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How effective is ‘cool’ pavement in LA? 


Pupusa vendor Claudia Rivas works six days a week over a hot grill on a corner in Pacoima.   

On days where temperatures reach 90 degrees Fahrenheit, the heat can be oppressive, but she says special “cool” pavement paint added to the street near her pupusa stand has helped make it feel less like working in an oven.  

Ana Tabuena-Ruddy is the assistant director and chief sustainability officer for Streets LA, overseeing the implementation of the cool pavement across Los Angeles.     

“When it’s first applied on the first year, it decreases the temperature by about 8 degrees. After the first year, it kind of goes down to about 4 to 6 degrees because of just the wear and tear in all the vehicles that pass by,” Tabuena-Ruddy said.   

“When it rains, for example, it cleans it again and it goes back up to what it originally was. It goes up and down, but it cools it by between 4 to 8 degrees,” she added.        

Streets LA told the I-Team that cool pavement has been installed on over 175 lane miles across Los Angeles, covering nearly 600 street segments since it started in 2017.     

The program uses a combination of general funds from the city budget, grants and state and federal funding.     

The I-Team’s review of city data shows just how much money was allocated to these projects since 2020.

In fiscal year 2020, $3 million from the Street Damage Restoration Fee was used for cool pavement. In fiscal year 2021, $2 million from State Senate Bill 1 was used for cool pavement and trees. In fiscal year 2022, $2 million from State Senate Bill 1 was used for cool pavement and trees, and in fiscal year 2023, $4 million from Street Damage Restoration Fee was used for cool pavement.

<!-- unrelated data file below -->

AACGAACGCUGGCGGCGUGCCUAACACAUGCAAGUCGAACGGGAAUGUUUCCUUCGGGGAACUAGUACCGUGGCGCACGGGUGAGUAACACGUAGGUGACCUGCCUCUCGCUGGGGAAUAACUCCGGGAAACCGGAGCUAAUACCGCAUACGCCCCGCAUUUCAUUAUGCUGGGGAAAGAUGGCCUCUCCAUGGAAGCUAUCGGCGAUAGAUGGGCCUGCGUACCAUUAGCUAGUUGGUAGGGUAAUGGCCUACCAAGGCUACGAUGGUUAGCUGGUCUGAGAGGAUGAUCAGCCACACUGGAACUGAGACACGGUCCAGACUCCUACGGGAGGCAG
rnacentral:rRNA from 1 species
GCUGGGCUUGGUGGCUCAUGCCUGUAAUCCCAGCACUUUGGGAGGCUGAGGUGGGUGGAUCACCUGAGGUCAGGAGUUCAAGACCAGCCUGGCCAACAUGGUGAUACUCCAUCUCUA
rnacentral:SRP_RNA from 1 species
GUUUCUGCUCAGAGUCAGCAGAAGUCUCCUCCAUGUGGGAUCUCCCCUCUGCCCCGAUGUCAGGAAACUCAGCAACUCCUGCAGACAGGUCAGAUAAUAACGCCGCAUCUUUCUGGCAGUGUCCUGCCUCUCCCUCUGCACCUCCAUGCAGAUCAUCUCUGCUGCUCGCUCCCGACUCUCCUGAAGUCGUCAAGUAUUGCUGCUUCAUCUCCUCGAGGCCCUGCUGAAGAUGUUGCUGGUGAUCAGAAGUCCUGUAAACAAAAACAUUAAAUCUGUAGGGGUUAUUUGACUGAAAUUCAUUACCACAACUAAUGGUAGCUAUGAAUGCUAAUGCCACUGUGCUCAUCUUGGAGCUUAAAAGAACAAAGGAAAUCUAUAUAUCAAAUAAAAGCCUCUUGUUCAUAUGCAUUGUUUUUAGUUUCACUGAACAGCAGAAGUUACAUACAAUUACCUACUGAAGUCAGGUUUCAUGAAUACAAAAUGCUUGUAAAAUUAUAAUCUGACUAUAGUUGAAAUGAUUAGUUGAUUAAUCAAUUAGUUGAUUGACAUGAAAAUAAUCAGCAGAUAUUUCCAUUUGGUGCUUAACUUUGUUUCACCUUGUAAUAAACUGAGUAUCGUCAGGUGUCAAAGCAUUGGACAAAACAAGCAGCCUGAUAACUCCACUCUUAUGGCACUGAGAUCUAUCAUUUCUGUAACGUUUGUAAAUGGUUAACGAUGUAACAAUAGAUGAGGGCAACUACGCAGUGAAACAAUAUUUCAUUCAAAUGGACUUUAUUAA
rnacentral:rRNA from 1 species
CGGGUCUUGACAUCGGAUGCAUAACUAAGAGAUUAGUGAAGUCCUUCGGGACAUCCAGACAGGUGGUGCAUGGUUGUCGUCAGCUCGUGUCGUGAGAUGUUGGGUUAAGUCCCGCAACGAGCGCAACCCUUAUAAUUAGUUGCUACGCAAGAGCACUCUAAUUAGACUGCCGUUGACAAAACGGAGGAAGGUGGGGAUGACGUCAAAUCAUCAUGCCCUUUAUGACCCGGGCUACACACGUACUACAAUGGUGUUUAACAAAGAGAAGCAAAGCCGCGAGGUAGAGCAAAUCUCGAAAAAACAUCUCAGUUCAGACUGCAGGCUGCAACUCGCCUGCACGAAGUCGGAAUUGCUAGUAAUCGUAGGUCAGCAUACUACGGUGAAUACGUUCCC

“I think when the community needs it and wants it, that it’s worth it, especially if it’s paired with a tree planting,” Tabuena-Ruddy said.      

A recent study by UCLA says more research needs to be done to know the real benefits, finding that while cool pavement might lower the temperatures on the surface, it might feel hotter. The study says the reason is in part “because the effect of sunlight is increased as the heat re-radiates from the pavement.”    

“So there are a lot of studies out there, and some say that it makes it hotter and some say that it makes it cooler. There’s no consensus on that. And so for that reason, we employ as many things in our toolkit as we can. So, we apply the cool paving, we plant the trees,” Tabuena-Ruddy said.  

Cool pavement painting is now planned for other areas, including Sylmar, Boyle Heights and Fairfax.  

As for Claudia Rivas, she appreciates any relief as temperatures near her papusa stand continue to be in the 80s and 90s in October. The only oven she wants, she said, is the one she cooks on.



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